THE CUTS is a weekly review of newly released songs and videos. The songs and videos covered are not genre or region-specific. Once we find it dope, we’ll share our thoughts on it here.
Super JazzClub – For All the Good Times
Patience. Persistence. Self-belief. Improvisation. The Super JazzClub embodies all these virtues. For years, they have worked tirelessly towards perfecting their sound while growing their talents as a music Collective. Singles have been released over the course of time. Performances have been held. Members of the group have released solo projects (singles) to gauge their own progress. Finally, the Collective have released their long-awaited album, “For All the Good Times”. (Click to stream)
Consisting of 8 songs (3 are time-stamped voice notes or interludes), Super JazzClub, the Ghanaian alte Collective stitched their songs along the lines of RnB (on “Games” performed by Obed who laments the ‘games’ a lover is playing on him). “Cellular”, released earlier as a single dabbles in the hip hop- reggae enclave; “Till the Morning”, the most bubbly track on “For All the Good Times” is draped in afro-fusion halo. Whereas Ansah Live requests them to ‘pour a lil somfin in my cup/bad girl wanna roll it up”, Seyyoh is asks for a ”refill” on this “get wasted at this party” record. Seyyoh pops up again on the trap-soul joint “Wide Awake” to draw the line between her and any form of bullshit in under 2 mins. Her voice emits an indiscernible tone – both threatening and ‘vibely’.
“For All the Good Times” is an album that fans of Super JazzClub can finally consume in a sitting. The music is great, the production is excellent – it compensates for the years their fans had to wait on them for a body of work. If the artwork for the album is signify anything, it is that the Collective is about success and staying fruitful.
J. Derobie – Ginger Me
When J Derobie released his “Nungua Diaries” tape, one of the songs I picked as a favourite was “Ginger Me”. J.Derobie is a noted dancehall act but he sometimes dabble within the afropop space, which he has so far nailed. A couple of days ago, he released the video for “Ginger”. Directed by Babs, it follows the simple story of a guy who is consumed by the beauty of a lady in a club. In the end, we see him set free from the “bewitchment”.
Babs Direction brought his visual skills to bear- from the settings, the costuming to the acting and choreography. The leading lady in the video’s performance is very striking. The club scene is very 90s in outlook like its plucked out of a 1990 Ghanaian movie or TV theatre scene.
Jane Handcock – FYE
“FYE”, the Mani Drapper featurs song is a taken from Jane Handcock’s album “Fa Real”. Across the 8 songs that make up the R&B filled album, Jane teams up with soul-singer Chazz on the ballad ” Home Alone”. The Oakland, California artist shows her depth on “How You Feel”; “Love With You”; and the assuring tune ” When We Fall”, singing “when we fall/ We’ll always catch each other’.
Jane Handcock has earned endorsements from some household names in the music scene like Raphael Saadiq for her talent. Her music has been featured on Insecure, the HBO’s hit TV series. Her talent has also seen her work on records for RnB heavyweight Kelly Rowland and rapper, Rick Ross. With “Fa Real”, Jane Handcock is poised to making an impression on the RnB music scene.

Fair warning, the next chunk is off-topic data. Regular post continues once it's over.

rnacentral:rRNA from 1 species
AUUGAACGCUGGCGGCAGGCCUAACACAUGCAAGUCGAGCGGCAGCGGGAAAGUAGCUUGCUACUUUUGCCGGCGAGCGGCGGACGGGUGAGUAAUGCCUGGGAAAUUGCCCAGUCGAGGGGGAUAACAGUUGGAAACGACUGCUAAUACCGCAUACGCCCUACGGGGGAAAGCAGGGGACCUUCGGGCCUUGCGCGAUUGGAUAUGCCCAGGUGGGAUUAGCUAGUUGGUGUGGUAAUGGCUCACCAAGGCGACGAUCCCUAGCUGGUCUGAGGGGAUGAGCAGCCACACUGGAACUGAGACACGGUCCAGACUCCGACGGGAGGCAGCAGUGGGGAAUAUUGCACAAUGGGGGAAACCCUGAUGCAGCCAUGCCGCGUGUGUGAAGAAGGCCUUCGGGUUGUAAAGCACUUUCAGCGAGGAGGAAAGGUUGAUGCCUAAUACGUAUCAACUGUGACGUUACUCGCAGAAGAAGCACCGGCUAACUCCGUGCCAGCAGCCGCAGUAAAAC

Boyd – Private Show
On “Private Show”, Boyd affirms his love to his partner while seeking affirmation of requited love. Crooning in a falsetto voice over a R&B/Soul beat produced by NiiQuaye, Boyd employs Ga and English to pour out his feeling. The mellow, spacey beat with a sombre mood offers Boyd the perfect cloak for him to be vulnerable. ” Private Show” is taken from his collaborative tape with NiiQuaye which he titles “B.W.B.H” (Boys With Broken Heart). Like the title reveals, the 5 songs that make the tape explores the highs and lows of love; a tale every listener would identify with in one song or more.
Yung Pabi – Guy No
The artistic prowess of Yung Pabi is not restricted to the stage when performing. It’s very visible in his videos including the latest “Guy No”, a theatre styled video that is layered with meaning and which describes his daily routine. The simplicity aside, the nostalgic inferences that the video pricks are of the essence. Unless you have never seen the video beforehand, “Guy No” strikes semblance with Daasebre Dwamena’s (RIP) 1999 hit single “Kokooko”
Yaw Lucaz – Expensive Rapper
“Expensive Rapper/I don’t have any friends”. So goes the hook on “Expensive Rapper” by Yaw Lucaz. Over a minimal beat – a thumping percussion – produced by Wanlov, the rapper from Takoradi shows off his numerous rap cadences; delivery each bar with intensity and hunger. The video for the song- also shot by Wanlov under his Wanlov Cini imprint- is a close shot of his face. The dark chromed video plus the close shot format it is delivered makes it engrossing (he’s in your face literally). If this is Yaw Lucaz’ debut visual introduction to people, then he’d have the attention of anybody who watches the video.
The Black Esper & Slug G – Jeje Laye
Nigerian rapper, The Black Esper teams up with Slug G, a hip hop act from the UK on “Jeje Laye”, a hip hop record produced by American producer AE Beats bears. The laid back beat carries an old school hip hop feel and has the two rappers indicating their intent to take over the hip hop scene with their creativity. In an era where trap beats and drill is influencing hip hop, hearing Black Esper & Slug G along with AE Beats evoking the old feel of hip hop is quiet interesting.